And when the next "stumble" came, without cash moving through the system; “Industrial production fell by nearly 45% between the years 1929 and 1932. Home-building dropped by 80%...” The stock market simply followed suit. It fell from a high of 294 points in early October 1929, to 230 points at the end of the month. Does any of this sound familiar?
One wag put it to verse; “Mellon pulled the whistle, Hoover rang the bell, Wall Street gave the signal, And the country went to hell.” Mellon saw what was happening in the Great Depression, but favored what he called a “liquidationist” approach to the problem. (Sound familar, again?) Mellon believed that weak banks (like weak insurance conglomerates, weak car companies and weak hedge funds today) should always be allowed to fail. Mellon called it “weeding out”. What that strategy produced in 1929, and in 2008, was panic selling, when over-confident investors suddenly realized that actually applying the rules of capitalism to them meant that, actually  the odds were they would be the next loser. Realizing this, they then acted accordingly. They got out of the market so fast all the markets collapsed.
In the public’s mind, Mellon, who was by then 70 years old, had become the face of the “old system”. During 1930 and 1931 Herbert Hoover saw to it that Andrew Mellon spent much of his time out of the public purview, in Europe, with the thankless job of trying to get America's ex-allies to repay wartime debts. But since they were also suffering in the Great Depression, they could not.
It was during these years that the Hoover administration, still following Andrew Mellon’s theories, drove the economy from a recession into a depression, eventually dropping the market, on July 8, 1932, to an all time low of just 41 points. And rightly or wrongly, in the public’s mind, Andrew Mellon as well as Hoover bore the responsibility for the disaster.
Capitalism had reached such a point of concentration of capital that while the millionairs still had plenty of money, there was no where for them to invest it. (This is true again today, except today big banks can invest their money in each other, trading vast fortunes and claiming imaginary profits by doing so)  There was no consumer demand in America because the consumers had been "weeded out" of Mellon's system. What was needed was what Roosevelt called "priming the pump", but such ideas were anathama to Mellon's economic thinking, and anatham to Republicans today.
Finally, in February of 1932, with Hoover looking for some way to get the disgraced economic mastermind out of the public eye before the November elections, Andrew agreed to step down from Treasury, and accept the post of Ambassador to England. He served for just one year, and performed such assignments as introducing Emilia Erhart to the King of England (above). And then he resigned.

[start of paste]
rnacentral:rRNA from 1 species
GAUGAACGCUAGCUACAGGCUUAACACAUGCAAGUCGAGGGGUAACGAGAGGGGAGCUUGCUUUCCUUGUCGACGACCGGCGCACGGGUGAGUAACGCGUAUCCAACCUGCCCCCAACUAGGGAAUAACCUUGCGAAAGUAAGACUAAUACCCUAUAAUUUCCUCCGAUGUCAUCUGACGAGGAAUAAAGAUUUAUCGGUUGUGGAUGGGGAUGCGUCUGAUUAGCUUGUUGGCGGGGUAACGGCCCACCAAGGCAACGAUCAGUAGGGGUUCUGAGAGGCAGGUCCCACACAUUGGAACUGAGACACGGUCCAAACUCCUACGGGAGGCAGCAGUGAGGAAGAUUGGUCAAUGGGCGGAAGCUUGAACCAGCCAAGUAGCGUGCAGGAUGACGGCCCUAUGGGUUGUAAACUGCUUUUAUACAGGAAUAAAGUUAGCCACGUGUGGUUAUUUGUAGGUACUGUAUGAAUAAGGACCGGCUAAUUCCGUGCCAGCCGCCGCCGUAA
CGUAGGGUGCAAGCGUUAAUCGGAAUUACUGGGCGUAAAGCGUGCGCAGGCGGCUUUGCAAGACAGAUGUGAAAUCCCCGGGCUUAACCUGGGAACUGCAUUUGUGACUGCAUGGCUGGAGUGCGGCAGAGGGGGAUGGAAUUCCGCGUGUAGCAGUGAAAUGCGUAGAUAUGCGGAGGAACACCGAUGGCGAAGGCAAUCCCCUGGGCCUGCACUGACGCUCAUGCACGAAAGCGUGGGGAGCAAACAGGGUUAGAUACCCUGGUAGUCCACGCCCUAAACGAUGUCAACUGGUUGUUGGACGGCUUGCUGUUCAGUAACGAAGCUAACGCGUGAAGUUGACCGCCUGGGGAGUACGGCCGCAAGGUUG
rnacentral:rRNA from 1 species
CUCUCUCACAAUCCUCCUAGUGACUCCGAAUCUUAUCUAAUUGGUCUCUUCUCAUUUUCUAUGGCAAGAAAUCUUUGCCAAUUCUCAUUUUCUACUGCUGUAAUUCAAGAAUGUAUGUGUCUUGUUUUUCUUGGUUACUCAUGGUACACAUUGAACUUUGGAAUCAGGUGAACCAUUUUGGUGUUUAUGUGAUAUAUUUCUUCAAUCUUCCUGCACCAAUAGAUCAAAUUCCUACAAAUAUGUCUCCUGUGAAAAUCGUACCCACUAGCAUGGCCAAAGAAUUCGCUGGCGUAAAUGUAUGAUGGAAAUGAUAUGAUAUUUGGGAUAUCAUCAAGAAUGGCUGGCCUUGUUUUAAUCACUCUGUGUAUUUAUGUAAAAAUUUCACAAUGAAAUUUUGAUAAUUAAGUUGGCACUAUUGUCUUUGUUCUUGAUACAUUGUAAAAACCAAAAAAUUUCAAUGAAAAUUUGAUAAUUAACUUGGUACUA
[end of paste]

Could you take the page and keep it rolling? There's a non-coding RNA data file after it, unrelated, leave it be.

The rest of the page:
In 1937 the Roosevelt administration opened “The Mellon Tax Case”, investigating Andrew's  ties with the family bank while he was serving at the Treasury Department. Eventually the Mellon Bank settled for $668,000 (the equivalent to $10 million, today).
But by then Andrew had died, on August 27, 1937. And though his estate had been hurt by the massive tax settlement, and even though Andrew had spent the last years of his life giving away much of the wealth he had accumulated, Andrew still held so much personal wealth, that in 2007 (seventy years later!) the various trusts that Andrew created saw that his grandson,...
 ...75 year old Richard Mellon-Scaife, was still collecting about $45 million a year from them. Scaife used some of his unearned wealth to finance the impeachment campaign against President Bill Clinton in 1998, and the idea that Barak Obama didn't have a valid U.S. birth certificate in 2008. It is as if this part of the family, and the Republican Party, is still trying to prove that old man Andrew Mellon was right back in 1929,  and that the Great Depression did not really happen.
As Honor de Balzac wrote in his novel, “Father Goriot”, “Behind every great fortune…is a crime that has yet to be discovered.”
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Wednesday, September 24, 2014


I hate to tell you this, but, contrary to common knowledge, we are the ones living in a “simpler time”, not our parents or even our great-great grandparents. We have E-mail, and I-phones and twitter and face-book and every other pseudonymous instantaneous electronic communication device which, with apologies to Socrates, proves that a life under punctuated is a life not worth being self-obsessed about. Sharing every naval-infatuated idea has become de rigueur for the Obama generation. There is no longer room for confusion or miss-interpretation, only for over-interpretation. And that makes the world much simpler.